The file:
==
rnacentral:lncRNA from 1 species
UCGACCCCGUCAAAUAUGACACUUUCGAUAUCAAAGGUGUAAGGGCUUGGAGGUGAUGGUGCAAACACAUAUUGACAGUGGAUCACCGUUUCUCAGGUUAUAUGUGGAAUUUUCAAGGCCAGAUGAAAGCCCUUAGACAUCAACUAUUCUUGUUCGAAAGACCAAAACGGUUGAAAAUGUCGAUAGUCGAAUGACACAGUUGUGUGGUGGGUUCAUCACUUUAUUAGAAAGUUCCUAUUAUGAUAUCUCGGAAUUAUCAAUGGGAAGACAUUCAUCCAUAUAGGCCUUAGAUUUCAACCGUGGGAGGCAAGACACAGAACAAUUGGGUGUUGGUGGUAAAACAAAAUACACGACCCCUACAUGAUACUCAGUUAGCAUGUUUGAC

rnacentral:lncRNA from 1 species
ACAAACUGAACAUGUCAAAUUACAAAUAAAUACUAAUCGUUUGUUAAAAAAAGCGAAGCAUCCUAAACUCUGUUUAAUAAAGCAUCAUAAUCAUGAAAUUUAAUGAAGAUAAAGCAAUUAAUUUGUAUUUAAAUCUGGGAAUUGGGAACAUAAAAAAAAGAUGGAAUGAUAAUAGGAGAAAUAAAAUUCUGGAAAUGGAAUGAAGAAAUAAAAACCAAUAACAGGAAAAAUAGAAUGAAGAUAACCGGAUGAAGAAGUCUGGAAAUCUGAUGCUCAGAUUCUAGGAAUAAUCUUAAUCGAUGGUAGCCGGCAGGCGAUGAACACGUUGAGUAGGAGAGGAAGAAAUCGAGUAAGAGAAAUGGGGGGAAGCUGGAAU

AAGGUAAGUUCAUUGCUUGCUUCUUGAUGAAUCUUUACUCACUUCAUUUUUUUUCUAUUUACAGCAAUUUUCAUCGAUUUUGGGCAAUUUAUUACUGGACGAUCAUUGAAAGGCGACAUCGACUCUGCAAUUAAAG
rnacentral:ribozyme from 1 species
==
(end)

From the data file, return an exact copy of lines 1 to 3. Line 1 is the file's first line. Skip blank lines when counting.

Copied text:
rnacentral:lncRNA from 1 species
UCGACCCCGUCAAAUAUGACACUUUCGAUAUCAAAGGUGUAAGGGCUUGGAGGUGAUGGUGCAAACACAUAUUGACAGUGGAUCACCGUUUCUCAGGUUAUAUGUGGAAUUUUCAAGGCCAGAUGAAAGCCCUUAGACAUCAACUAUUCUUGUUCGAAAGACCAAAACGGUUGAAAAUGUCGAUAGUCGAAUGACACAGUUGUGUGGUGGGUUCAUCACUUUAUUAGAAAGUUCCUAUUAUGAUAUCUCGGAAUUAUCAAUGGGAAGACAUUCAUCCAUAUAGGCCUUAGAUUUCAACCGUGGGAGGCAAGACACAGAACAAUUGGGUGUUGGUGGUAAAACAAAAUACACGACCCCUACAUGAUACUCAGUUAGCAUGUUUGAC

rnacentral:lncRNA from 1 species